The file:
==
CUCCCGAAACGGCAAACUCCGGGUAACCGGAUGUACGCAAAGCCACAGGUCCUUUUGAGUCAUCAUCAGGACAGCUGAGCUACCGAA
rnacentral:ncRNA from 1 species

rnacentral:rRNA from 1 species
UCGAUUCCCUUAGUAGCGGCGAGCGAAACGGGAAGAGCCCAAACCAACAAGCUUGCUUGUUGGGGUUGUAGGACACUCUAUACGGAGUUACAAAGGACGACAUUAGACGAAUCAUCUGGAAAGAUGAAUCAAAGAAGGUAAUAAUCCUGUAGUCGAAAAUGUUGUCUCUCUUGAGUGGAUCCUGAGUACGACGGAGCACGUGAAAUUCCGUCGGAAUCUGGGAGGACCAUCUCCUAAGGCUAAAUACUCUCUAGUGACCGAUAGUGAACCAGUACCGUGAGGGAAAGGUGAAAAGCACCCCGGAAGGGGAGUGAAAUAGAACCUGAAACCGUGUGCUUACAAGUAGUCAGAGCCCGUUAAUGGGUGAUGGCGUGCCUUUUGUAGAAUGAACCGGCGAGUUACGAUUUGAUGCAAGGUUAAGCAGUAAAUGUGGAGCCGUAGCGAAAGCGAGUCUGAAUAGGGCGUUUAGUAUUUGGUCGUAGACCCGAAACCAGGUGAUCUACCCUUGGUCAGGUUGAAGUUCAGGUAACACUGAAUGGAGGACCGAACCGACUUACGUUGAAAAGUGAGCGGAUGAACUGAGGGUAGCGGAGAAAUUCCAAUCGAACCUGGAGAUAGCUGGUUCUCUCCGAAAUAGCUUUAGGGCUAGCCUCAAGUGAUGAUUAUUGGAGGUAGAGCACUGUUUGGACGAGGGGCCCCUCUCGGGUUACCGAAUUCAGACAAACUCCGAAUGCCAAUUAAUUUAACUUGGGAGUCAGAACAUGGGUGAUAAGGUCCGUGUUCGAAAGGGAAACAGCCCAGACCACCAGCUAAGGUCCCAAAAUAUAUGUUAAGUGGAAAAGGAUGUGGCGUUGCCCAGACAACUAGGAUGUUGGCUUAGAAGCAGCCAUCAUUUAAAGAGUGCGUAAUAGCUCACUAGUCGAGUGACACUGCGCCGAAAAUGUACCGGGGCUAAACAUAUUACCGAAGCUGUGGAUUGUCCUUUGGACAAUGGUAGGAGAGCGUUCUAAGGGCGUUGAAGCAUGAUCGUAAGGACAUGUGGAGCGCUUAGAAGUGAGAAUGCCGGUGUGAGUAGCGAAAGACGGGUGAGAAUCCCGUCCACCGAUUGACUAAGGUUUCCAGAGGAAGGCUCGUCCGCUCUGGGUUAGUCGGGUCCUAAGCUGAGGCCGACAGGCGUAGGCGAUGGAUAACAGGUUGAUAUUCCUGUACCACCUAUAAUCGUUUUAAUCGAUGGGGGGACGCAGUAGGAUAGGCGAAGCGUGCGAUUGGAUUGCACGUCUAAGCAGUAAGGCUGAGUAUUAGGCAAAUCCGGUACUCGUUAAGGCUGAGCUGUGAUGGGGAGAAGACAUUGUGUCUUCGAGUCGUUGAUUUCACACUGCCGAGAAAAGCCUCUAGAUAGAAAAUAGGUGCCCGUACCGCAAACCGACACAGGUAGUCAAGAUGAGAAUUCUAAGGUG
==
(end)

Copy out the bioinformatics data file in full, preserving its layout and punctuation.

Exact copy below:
CUCCCGAAACGGCAAACUCCGGGUAACCGGAUGUACGCAAAGCCACAGGUCCUUUUGAGUCAUCAUCAGGACAGCUGAGCUACCGAA
rnacentral:ncRNA from 1 species

rnacentral:rRNA from 1 species
UCGAUUCCCUUAGUAGCGGCGAGCGAAACGGGAAGAGCCCAAACCAACAAGCUUGCUUGUUGGGGUUGUAGGACACUCUAUACGGAGUUACAAAGGACGACAUUAGACGAAUCAUCUGGAAAGAUGAAUCAAAGAAGGUAAUAAUCCUGUAGUCGAAAAUGUUGUCUCUCUUGAGUGGAUCCUGAGUACGACGGAGCACGUGAAAUUCCGUCGGAAUCUGGGAGGACCAUCUCCUAAGGCUAAAUACUCUCUAGUGACCGAUAGUGAACCAGUACCGUGAGGGAAAGGUGAAAAGCACCCCGGAAGGGGAGUGAAAUAGAACCUGAAACCGUGUGCUUACAAGUAGUCAGAGCCCGUUAAUGGGUGAUGGCGUGCCUUUUGUAGAAUGAACCGGCGAGUUACGAUUUGAUGCAAGGUUAAGCAGUAAAUGUGGAGCCGUAGCGAAAGCGAGUCUGAAUAGGGCGUUUAGUAUUUGGUCGUAGACCCGAAACCAGGUGAUCUACCCUUGGUCAGGUUGAAGUUCAGGUAACACUGAAUGGAGGACCGAACCGACUUACGUUGAAAAGUGAGCGGAUGAACUGAGGGUAGCGGAGAAAUUCCAAUCGAACCUGGAGAUAGCUGGUUCUCUCCGAAAUAGCUUUAGGGCUAGCCUCAAGUGAUGAUUAUUGGAGGUAGAGCACUGUUUGGACGAGGGGCCCCUCUCGGGUUACCGAAUUCAGACAAACUCCGAAUGCCAAUUAAUUUAACUUGGGAGUCAGAACAUGGGUGAUAAGGUCCGUGUUCGAAAGGGAAACAGCCCAGACCACCAGCUAAGGUCCCAAAAUAUAUGUUAAGUGGAAAAGGAUGUGGCGUUGCCCAGACAACUAGGAUGUUGGCUUAGAAGCAGCCAUCAUUUAAAGAGUGCGUAAUAGCUCACUAGUCGAGUGACACUGCGCCGAAAAUGUACCGGGGCUAAACAUAUUACCGAAGCUGUGGAUUGUCCUUUGGACAAUGGUAGGAGAGCGUUCUAAGGGCGUUGAAGCAUGAUCGUAAGGACAUGUGGAGCGCUUAGAAGUGAGAAUGCCGGUGUGAGUAGCGAAAGACGGGUGAGAAUCCCGUCCACCGAUUGACUAAGGUUUCCAGAGGAAGGCUCGUCCGCUCUGGGUUAGUCGGGUCCUAAGCUGAGGCCGACAGGCGUAGGCGAUGGAUAACAGGUUGAUAUUCCUGUACCACCUAUAAUCGUUUUAAUCGAUGGGGGGACGCAGUAGGAUAGGCGAAGCGUGCGAUUGGAUUGCACGUCUAAGCAGUAAGGCUGAGUAUUAGGCAAAUCCGGUACUCGUUAAGGCUGAGCUGUGAUGGGGAGAAGACAUUGUGUCUUCGAGUCGUUGAUUUCACACUGCCGAGAAAAGCCUCUAGAUAGAAAAUAGGUGCCCGUACCGCAAACCGACACAGGUAGUCAAGAUGAGAAUUCUAAGGUG